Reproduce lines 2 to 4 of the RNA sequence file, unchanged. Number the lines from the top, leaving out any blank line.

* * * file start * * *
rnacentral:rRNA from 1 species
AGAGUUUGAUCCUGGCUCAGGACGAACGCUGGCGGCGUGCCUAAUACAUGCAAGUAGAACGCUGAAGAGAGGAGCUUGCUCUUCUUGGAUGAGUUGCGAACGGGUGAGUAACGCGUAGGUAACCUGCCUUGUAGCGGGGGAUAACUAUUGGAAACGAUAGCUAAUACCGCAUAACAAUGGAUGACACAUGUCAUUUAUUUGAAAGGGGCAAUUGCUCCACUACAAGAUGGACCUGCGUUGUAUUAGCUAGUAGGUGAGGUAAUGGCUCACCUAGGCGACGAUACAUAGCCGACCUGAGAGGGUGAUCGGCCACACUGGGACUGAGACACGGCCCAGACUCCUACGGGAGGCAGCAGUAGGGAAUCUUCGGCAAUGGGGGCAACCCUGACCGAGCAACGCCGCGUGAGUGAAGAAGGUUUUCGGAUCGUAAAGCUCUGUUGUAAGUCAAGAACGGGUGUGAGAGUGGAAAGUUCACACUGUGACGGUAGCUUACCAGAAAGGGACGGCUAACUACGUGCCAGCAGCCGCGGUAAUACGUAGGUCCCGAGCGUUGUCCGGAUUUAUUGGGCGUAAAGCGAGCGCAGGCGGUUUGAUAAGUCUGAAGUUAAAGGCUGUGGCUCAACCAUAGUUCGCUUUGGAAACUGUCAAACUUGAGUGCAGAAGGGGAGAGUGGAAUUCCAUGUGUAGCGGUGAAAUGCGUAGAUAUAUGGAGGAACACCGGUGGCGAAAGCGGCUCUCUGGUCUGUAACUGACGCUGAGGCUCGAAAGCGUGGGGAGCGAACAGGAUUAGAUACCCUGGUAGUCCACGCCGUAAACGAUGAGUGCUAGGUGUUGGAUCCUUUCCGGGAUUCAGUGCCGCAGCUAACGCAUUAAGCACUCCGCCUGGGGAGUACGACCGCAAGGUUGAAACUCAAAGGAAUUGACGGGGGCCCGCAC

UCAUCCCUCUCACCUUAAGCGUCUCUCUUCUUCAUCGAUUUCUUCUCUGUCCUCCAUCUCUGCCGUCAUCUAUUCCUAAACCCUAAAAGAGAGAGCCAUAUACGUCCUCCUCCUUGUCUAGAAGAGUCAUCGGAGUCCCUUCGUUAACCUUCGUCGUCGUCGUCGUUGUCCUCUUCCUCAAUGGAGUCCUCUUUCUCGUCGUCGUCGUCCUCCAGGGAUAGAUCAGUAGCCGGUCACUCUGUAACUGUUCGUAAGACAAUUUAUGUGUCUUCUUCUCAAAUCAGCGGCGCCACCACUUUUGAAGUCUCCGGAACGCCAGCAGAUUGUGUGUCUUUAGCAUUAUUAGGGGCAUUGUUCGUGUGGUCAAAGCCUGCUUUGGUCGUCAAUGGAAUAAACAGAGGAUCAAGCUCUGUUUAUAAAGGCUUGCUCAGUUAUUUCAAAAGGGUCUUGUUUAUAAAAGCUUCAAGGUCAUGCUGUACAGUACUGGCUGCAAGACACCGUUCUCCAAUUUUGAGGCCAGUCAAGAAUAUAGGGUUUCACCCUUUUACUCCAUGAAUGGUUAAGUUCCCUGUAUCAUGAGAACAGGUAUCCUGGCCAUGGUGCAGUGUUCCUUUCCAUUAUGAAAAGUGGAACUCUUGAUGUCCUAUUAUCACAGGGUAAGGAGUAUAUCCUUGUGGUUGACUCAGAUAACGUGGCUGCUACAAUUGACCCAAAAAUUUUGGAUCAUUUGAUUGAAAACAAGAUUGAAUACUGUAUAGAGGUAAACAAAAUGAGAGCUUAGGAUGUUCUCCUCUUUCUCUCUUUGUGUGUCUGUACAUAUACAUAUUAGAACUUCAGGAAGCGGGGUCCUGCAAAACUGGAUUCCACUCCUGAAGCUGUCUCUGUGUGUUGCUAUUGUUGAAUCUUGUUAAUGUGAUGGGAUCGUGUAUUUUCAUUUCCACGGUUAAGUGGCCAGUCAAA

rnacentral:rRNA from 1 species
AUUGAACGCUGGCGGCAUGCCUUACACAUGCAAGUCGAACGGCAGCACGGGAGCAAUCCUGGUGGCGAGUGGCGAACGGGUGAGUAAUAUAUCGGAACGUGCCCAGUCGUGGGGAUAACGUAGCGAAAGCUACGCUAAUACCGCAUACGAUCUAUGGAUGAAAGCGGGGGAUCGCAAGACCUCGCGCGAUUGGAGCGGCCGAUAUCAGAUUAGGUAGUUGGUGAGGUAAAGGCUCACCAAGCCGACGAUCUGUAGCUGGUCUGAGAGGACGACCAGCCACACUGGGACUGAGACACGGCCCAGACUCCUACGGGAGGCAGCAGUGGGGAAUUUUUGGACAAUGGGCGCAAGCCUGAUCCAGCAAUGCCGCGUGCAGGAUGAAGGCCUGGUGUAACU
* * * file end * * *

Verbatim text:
AGAGUUUGAUCCUGGCUCAGGACGAACGCUGGCGGCGUGCCUAAUACAUGCAAGUAGAACGCUGAAGAGAGGAGCUUGCUCUUCUUGGAUGAGUUGCGAACGGGUGAGUAACGCGUAGGUAACCUGCCUUGUAGCGGGGGAUAACUAUUGGAAACGAUAGCUAAUACCGCAUAACAAUGGAUGACACAUGUCAUUUAUUUGAAAGGGGCAAUUGCUCCACUACAAGAUGGACCUGCGUUGUAUUAGCUAGUAGGUGAGGUAAUGGCUCACCUAGGCGACGAUACAUAGCCGACCUGAGAGGGUGAUCGGCCACACUGGGACUGAGACACGGCCCAGACUCCUACGGGAGGCAGCAGUAGGGAAUCUUCGGCAAUGGGGGCAACCCUGACCGAGCAACGCCGCGUGAGUGAAGAAGGUUUUCGGAUCGUAAAGCUCUGUUGUAAGUCAAGAACGGGUGUGAGAGUGGAAAGUUCACACUGUGACGGUAGCUUACCAGAAAGGGACGGCUAACUACGUGCCAGCAGCCGCGGUAAUACGUAGGUCCCGAGCGUUGUCCGGAUUUAUUGGGCGUAAAGCGAGCGCAGGCGGUUUGAUAAGUCUGAAGUUAAAGGCUGUGGCUCAACCAUAGUUCGCUUUGGAAACUGUCAAACUUGAGUGCAGAAGGGGAGAGUGGAAUUCCAUGUGUAGCGGUGAAAUGCGUAGAUAUAUGGAGGAACACCGGUGGCGAAAGCGGCUCUCUGGUCUGUAACUGACGCUGAGGCUCGAAAGCGUGGGGAGCGAACAGGAUUAGAUACCCUGGUAGUCCACGCCGUAAACGAUGAGUGCUAGGUGUUGGAUCCUUUCCGGGAUUCAGUGCCGCAGCUAACGCAUUAAGCACUCCGCCUGGGGAGUACGACCGCAAGGUUGAAACUCAAAGGAAUUGACGGGGGCCCGCAC

UCAUCCCUCUCACCUUAAGCGUCUCUCUUCUUCAUCGAUUUCUUCUCUGUCCUCCAUCUCUGCCGUCAUCUAUUCCUAAACCCUAAAAGAGAGAGCCAUAUACGUCCUCCUCCUUGUCUAGAAGAGUCAUCGGAGUCCCUUCGUUAACCUUCGUCGUCGUCGUCGUUGUCCUCUUCCUCAAUGGAGUCCUCUUUCUCGUCGUCGUCGUCCUCCAGGGAUAGAUCAGUAGCCGGUCACUCUGUAACUGUUCGUAAGACAAUUUAUGUGUCUUCUUCUCAAAUCAGCGGCGCCACCACUUUUGAAGUCUCCGGAACGCCAGCAGAUUGUGUGUCUUUAGCAUUAUUAGGGGCAUUGUUCGUGUGGUCAAAGCCUGCUUUGGUCGUCAAUGGAAUAAACAGAGGAUCAAGCUCUGUUUAUAAAGGCUUGCUCAGUUAUUUCAAAAGGGUCUUGUUUAUAAAAGCUUCAAGGUCAUGCUGUACAGUACUGGCUGCAAGACACCGUUCUCCAAUUUUGAGGCCAGUCAAGAAUAUAGGGUUUCACCCUUUUACUCCAUGAAUGGUUAAGUUCCCUGUAUCAUGAGAACAGGUAUCCUGGCCAUGGUGCAGUGUUCCUUUCCAUUAUGAAAAGUGGAACUCUUGAUGUCCUAUUAUCACAGGGUAAGGAGUAUAUCCUUGUGGUUGACUCAGAUAACGUGGCUGCUACAAUUGACCCAAAAAUUUUGGAUCAUUUGAUUGAAAACAAGAUUGAAUACUGUAUAGAGGUAAACAAAAUGAGAGCUUAGGAUGUUCUCCUCUUUCUCUCUUUGUGUGUCUGUACAUAUACAUAUUAGAACUUCAGGAAGCGGGGUCCUGCAAAACUGGAUUCCACUCCUGAAGCUGUCUCUGUGUGUUGCUAUUGUUGAAUCUUGUUAAUGUGAUGGGAUCGUGUAUUUUCAUUUCCACGGUUAAGUGGCCAGUCAAA

rnacentral:rRNA from 1 species